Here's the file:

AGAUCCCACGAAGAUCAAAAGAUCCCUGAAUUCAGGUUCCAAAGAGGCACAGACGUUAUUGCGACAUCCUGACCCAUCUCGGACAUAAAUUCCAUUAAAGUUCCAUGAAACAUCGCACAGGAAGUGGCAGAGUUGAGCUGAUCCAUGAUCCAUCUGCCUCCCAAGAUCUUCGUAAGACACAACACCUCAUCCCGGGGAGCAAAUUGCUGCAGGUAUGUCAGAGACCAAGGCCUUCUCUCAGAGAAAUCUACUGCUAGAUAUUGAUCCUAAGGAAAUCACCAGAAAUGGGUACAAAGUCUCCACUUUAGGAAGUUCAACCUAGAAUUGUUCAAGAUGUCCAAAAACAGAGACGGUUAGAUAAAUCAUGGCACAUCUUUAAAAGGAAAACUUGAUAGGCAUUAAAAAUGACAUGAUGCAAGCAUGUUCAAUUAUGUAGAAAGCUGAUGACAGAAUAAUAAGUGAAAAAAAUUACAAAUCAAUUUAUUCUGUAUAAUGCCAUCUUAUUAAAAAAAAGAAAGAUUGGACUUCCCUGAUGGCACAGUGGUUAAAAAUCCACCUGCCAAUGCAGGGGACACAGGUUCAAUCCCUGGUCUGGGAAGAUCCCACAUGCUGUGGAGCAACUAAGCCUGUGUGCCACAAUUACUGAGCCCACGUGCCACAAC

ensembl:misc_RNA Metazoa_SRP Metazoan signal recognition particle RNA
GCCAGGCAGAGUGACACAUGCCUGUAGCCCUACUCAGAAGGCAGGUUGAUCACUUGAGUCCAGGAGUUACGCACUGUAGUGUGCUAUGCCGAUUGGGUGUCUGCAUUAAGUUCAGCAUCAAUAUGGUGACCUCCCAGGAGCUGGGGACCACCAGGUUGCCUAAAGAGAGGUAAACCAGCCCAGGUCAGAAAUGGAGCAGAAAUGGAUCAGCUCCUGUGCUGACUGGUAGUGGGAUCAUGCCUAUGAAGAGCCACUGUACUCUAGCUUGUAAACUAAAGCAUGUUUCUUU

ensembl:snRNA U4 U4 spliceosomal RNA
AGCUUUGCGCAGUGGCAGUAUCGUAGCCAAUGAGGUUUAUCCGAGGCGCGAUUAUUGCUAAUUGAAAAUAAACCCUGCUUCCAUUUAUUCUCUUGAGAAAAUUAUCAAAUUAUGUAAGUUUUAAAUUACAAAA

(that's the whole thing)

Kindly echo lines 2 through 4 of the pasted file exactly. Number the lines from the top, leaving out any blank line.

ensembl:misc_RNA Metazoa_SRP Metazoan signal recognition particle RNA
GCCAGGCAGAGUGACACAUGCCUGUAGCCCUACUCAGAAGGCAGGUUGAUCACUUGAGUCCAGGAGUUACGCACUGUAGUGUGCUAUGCCGAUUGGGUGUCUGCAUUAAGUUCAGCAUCAAUAUGGUGACCUCCCAGGAGCUGGGGACCACCAGGUUGCCUAAAGAGAGGUAAACCAGCCCAGGUCAGAAAUGGAGCAGAAAUGGAUCAGCUCCUGUGCUGACUGGUAGUGGGAUCAUGCCUAUGAAGAGCCACUGUACUCUAGCUUGUAAACUAAAGCAUGUUUCUUU

ensembl:snRNA U4 U4 spliceosomal RNA